I remember going to a training for my job at LIFT Boston and feeling so connected to the guest speaker as she spoke of becoming homeless and going through the toughest time of her life. I felt connected to her because she not only overcame homelessness but she was fighting to help others do the same. I remember “couchsurfing” for three years straight with my mom and sister as a young teen. I would always say to myself “I never want to go through this again”. I wanted so badly to just have a place to call home and not have to live out of trash bags. Growing up chronically homeless, I wanted so desperately to put an end to homelessness. I never let my living situation stop me from pursuing my dreams though. I never knew how to get involved till that special day when I met Diane Sullivan, the guest speaker at my training. She spoke words of hope. That was my first experience with Homes for Families.

Two years later, I was invited by a case manager to attend the Cookie Day event at the state house. I was all for it having heard about it years prior from Diane. Having never followed up with her I decided this was the perfect opportunity to get involved. After all I was homeless. Who better to advocate for affordable housing than me?

Attending the event, I felt that sense of hope in the air again! I felt like I had power that I never felt; I had to make a difference and really make change happen. After the speakers, we had the opportunity to meet our representatives but I went straight to Diane to reintroduce myself. She greeted me warmly and kindly directed me to Nilaya who would then open many doors of opportunities for me to get involved.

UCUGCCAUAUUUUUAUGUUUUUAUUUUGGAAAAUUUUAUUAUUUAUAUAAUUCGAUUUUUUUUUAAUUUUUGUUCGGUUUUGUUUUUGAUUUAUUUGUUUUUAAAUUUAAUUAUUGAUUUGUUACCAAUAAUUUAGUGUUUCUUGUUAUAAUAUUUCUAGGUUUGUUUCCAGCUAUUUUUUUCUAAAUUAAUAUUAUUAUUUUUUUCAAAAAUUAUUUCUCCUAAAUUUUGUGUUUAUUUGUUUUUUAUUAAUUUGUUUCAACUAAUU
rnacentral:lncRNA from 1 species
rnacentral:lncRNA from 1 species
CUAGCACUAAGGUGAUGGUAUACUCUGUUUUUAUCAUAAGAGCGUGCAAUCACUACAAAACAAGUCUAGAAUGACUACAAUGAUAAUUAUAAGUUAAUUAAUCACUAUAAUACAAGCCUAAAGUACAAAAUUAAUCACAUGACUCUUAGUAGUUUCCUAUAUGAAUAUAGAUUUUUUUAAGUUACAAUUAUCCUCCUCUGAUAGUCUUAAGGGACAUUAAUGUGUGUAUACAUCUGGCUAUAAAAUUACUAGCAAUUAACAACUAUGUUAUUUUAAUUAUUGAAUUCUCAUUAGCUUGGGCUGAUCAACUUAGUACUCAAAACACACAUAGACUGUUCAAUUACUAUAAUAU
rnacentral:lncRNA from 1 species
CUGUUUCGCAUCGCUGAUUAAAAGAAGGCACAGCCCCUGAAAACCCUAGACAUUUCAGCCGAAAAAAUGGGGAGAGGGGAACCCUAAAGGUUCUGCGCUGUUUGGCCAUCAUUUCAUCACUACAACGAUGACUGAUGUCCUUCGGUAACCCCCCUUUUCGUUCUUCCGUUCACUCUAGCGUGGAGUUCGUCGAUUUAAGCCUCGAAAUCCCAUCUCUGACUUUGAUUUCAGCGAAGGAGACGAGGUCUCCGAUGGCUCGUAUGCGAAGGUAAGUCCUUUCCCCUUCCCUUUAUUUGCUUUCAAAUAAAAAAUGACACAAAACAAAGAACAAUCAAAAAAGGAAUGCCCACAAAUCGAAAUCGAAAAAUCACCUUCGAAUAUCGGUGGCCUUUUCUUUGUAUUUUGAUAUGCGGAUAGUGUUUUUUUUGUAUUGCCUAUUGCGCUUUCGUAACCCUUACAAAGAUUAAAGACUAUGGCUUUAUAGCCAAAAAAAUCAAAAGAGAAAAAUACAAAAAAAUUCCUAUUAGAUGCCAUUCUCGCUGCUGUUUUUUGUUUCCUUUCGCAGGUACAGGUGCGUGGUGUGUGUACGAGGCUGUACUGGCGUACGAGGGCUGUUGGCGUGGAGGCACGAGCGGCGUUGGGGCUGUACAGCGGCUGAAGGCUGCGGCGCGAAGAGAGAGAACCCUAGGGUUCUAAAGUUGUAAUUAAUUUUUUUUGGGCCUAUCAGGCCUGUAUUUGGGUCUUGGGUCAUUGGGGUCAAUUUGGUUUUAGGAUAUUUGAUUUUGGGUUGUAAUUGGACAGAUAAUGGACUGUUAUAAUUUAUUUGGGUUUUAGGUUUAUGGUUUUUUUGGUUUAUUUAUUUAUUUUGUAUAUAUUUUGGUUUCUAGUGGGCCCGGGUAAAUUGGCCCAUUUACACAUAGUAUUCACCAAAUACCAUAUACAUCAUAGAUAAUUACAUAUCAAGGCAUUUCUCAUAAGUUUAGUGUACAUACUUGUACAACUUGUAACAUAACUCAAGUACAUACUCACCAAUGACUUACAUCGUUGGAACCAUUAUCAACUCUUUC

It took me two years, one child, and another episode of homelessness to follow through with getting connected. I was eager to get involved. This time, I was ready to fight back! Nilaya was so helpful in getting me started, and I couldn’t thank her enough for seeing the potential in me to support the movement. She mentioned trainings that would take place once a week for a five week period. What she didn’t know was that I would skip class to attend these meetings because that’s how passionate I was about being a part of such an important and groundbreaking initiative. Luckily, it was the end of my semester :)

Attending these meetings made me feel like a key component in the movement- and that feeling was so euphoric for me. Coming from literally nothing; a life of chaos, confusion, and uncertainty, I felt so empowered!

Nilaya made it very clear how important we were in the process of connecting, partnering and leading. After a successful five weeks with an incredible group of leaders, Nilaya mentioned an opportunity to intern for Homes For Families. I knew this was exactly where I needed to be

Homes For Families mission is to “educate organize and advocate for improved public policies to address the root causes of family homelessness with holistic and community based solutions”. Everything in this mission represents what I always wanted to be apart of.

After completing the 5 week training and joining the Consumer Advocacy Team, I was offered the position as summer intern as Homes for Families, I jumped at the opportunity. Two weeks in, I am loving it! I get to be apart of such a powerful team of women who stop at nothing to get things done. We are all passionate about our work; having worked with the homeless population or even experiencing homelessness for ourselves. I get to see what goes on behind the scenes and it makes me appreciate the work that my shelter does. Just in my second week I was able to attend a community meeting with partnering non-profits and families. It was tremendously invigorating to see all the different partners that are apart of the movement. It reminded me that teamwork really does make the dream work.